College mourns H. Gilbert Harlow, professor of civil engineering emeritus

Harlow taught from 1940 to 1984
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College mourns H. Gilbert Harlow, professor of civil engineering emeritus

The College mourns the loss of H. Gilbert Harlow, professor of civil engineering emeritus, who taught from 1940 to 1984 and was a key advocate for maintaining and enhancing the campus landscape. He died Monday, Nov. 17, 2014, at the Capstone Center in Amsterdam, N.Y.  He was 100.

“Gil” earned an engineering degree from Tufts University, and his master's in civil engineering from Harvard University.

He married Jeannette Martin in 1940, the same year they moved to Schenectady to begin his career at Union, where he introduced soil mechanics and foundations to the curriculum. He missed only five days due to illness.

Among the many aspects of his College service, he was chair of Civil Engineering and director of the Evening Division. He served as president of the Mohawk-Hudson section of the American Society of Civil Engineers.

As chair of the Faculty Committee on Buildings and Grounds, he helped lead ambitious efforts to maintain and improve the campus landscape. With his longtime friend and colleague, the late Prof. William Huntley, he was responsible for planting trees across campus after many were lost to Dutch elm disease. He was also instrumental in many of the plantings in Jackson’s Garden.

With Huntley and the late Jack Litynski, a landscape architect, he had created something of an arboretum on campus. By 1985, they had planted more than 1,300 major shade trees, 650 flowering trees and 5,000 shrubs and smaller trees.

In 1977, they published The Union College Grounds: A Guide to Trees, Shrubs and Birds, a leaflet which listed the sites of some 200 species of trees and shrubs.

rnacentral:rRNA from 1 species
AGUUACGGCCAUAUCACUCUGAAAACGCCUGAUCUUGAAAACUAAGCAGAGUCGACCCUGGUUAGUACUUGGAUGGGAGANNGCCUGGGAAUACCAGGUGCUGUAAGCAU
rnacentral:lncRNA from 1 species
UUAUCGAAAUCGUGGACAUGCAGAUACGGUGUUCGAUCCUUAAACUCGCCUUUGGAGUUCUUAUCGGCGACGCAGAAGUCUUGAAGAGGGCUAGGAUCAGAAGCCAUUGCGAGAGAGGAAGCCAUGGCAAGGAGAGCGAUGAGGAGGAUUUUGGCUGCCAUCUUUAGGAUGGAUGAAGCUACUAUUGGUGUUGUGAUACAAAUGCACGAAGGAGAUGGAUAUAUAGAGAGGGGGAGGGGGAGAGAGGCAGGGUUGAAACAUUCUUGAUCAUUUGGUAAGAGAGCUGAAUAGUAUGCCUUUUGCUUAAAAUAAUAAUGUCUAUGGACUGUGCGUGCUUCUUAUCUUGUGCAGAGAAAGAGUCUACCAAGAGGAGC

Prof. Harlow was world renowned for his hybridizing of tuberous begonias. They were on display at his commercial greenhouse in Pattersonville, at his home in the Stockade, and in his campus office. He loaned many of the flowers for weddings and parties.

An avid Union football fan, he was for years in charge of filming home and away games.

In 1941, the Harlows bought the Governor Yates home in Schenectady’s Stockade neighborhood and turned it into the University Club, where 36 General Electric engineers lived while on test programs with G.E. His family of five children also lived there. In the large terraced yard, a concrete swimming pool brought much pleasure to the families who had memberships. Caretaking of the four terraces of flowers and large swimming pool became his summer job. His wife, Jeannette, served as life guard.

The H. Gilbert Harlow Garden Club, formed in his honor in the early 60s, is still thriving today. The group planted a dogwood tree in his honor in Jackson's Garden where the Thyme Garden, with a sundial from Elizabeth McMath, is dedicated to him.

Last spring, on his 100th birthday, while celebrating with friends and family, he received a proclamation from the mayor of Schenectady declaring April 27 as H. Gilbert Harlow Day.

His wife, Jeannette, passed away in 1992. Survivors include his children, Priscilla Gocha, Sally Harlow, Susan Harlow Northrup, Bradford Harlow and Heidi Van Deusen. He was predeceased by his companion of 22 years, Elizabeth McMath.

A memorial service will be Saturday, Nov. 29, at 11:30 a.m. at the First Reformed Church, 8 North Church St., Schenectady. 

Memorial contributions may be made to Capstone Center for Rehabilitation and Nursing, 302 Swart Hill Rd., Amsterdam, N.Y. 12010 or to the First Reformed Church, Schenectady, N.Y. 12305.